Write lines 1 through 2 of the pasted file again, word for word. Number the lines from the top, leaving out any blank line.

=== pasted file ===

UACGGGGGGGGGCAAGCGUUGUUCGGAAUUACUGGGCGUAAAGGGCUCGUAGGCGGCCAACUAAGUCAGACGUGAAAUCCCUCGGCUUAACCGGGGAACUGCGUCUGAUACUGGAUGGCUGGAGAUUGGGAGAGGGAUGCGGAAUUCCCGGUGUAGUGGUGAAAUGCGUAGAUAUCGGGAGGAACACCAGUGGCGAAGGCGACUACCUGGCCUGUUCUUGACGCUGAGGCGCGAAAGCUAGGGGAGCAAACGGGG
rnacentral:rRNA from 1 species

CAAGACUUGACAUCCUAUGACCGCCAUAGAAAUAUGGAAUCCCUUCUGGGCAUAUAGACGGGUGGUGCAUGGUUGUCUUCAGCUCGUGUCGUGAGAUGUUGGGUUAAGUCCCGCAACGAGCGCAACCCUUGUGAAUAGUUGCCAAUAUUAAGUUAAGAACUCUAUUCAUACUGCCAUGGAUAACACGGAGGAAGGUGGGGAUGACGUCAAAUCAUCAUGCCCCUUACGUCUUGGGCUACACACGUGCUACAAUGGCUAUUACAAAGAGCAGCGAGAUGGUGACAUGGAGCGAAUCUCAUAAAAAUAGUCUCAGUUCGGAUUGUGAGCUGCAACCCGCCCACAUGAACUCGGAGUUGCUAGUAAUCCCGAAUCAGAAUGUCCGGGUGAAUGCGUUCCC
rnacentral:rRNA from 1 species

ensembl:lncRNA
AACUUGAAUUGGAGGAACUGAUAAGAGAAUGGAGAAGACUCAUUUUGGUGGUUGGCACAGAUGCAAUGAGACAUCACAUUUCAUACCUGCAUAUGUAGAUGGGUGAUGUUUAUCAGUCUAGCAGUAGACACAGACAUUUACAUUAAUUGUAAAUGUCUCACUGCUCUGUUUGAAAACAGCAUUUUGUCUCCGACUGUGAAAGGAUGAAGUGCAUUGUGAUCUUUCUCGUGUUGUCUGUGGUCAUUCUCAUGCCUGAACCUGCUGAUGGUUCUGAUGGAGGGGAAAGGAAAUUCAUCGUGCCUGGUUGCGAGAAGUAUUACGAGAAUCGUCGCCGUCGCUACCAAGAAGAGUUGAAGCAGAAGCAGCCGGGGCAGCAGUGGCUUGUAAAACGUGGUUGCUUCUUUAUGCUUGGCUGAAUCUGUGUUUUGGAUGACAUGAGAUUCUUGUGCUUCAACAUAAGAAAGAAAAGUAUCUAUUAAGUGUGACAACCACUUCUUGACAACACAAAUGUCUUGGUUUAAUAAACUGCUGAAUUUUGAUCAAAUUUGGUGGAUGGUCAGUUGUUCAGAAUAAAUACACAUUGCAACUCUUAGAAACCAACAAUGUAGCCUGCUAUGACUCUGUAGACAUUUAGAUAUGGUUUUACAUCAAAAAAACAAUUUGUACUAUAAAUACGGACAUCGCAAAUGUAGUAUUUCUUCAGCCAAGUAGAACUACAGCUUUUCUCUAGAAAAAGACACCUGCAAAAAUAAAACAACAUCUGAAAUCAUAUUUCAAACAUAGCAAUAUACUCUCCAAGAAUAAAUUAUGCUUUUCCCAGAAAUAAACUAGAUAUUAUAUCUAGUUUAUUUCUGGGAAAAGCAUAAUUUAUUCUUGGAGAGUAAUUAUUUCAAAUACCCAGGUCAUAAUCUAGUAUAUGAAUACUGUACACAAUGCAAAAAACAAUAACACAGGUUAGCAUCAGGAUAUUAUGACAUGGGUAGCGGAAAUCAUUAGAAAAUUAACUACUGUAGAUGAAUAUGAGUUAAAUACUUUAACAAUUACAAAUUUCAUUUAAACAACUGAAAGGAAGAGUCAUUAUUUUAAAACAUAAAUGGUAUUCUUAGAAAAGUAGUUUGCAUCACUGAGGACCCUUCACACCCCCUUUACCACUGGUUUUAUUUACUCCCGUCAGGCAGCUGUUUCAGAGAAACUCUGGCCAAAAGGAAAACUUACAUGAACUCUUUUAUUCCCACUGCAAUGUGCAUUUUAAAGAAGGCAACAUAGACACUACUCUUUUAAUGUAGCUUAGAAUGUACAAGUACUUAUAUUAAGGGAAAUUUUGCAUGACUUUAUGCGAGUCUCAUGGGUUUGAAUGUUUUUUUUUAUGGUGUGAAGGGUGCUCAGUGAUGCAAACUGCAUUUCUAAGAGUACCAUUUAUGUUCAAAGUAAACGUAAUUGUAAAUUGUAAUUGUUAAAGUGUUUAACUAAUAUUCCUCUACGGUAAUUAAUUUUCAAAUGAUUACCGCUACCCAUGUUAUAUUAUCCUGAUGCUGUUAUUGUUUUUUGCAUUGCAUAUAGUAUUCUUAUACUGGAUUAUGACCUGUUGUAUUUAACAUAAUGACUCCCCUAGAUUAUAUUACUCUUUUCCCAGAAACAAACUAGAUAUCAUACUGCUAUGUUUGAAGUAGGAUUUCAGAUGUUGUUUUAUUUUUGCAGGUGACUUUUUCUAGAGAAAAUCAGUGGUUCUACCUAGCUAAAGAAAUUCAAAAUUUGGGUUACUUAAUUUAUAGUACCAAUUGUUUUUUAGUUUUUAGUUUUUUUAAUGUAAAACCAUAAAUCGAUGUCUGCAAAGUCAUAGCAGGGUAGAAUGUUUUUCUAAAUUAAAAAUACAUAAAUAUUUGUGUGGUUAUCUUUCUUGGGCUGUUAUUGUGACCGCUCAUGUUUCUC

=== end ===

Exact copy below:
UACGGGGGGGGGCAAGCGUUGUUCGGAAUUACUGGGCGUAAAGGGCUCGUAGGCGGCCAACUAAGUCAGACGUGAAAUCCCUCGGCUUAACCGGGGAACUGCGUCUGAUACUGGAUGGCUGGAGAUUGGGAGAGGGAUGCGGAAUUCCCGGUGUAGUGGUGAAAUGCGUAGAUAUCGGGAGGAACACCAGUGGCGAAGGCGACUACCUGGCCUGUUCUUGACGCUGAGGCGCGAAAGCUAGGGGAGCAAACGGGG
rnacentral:rRNA from 1 species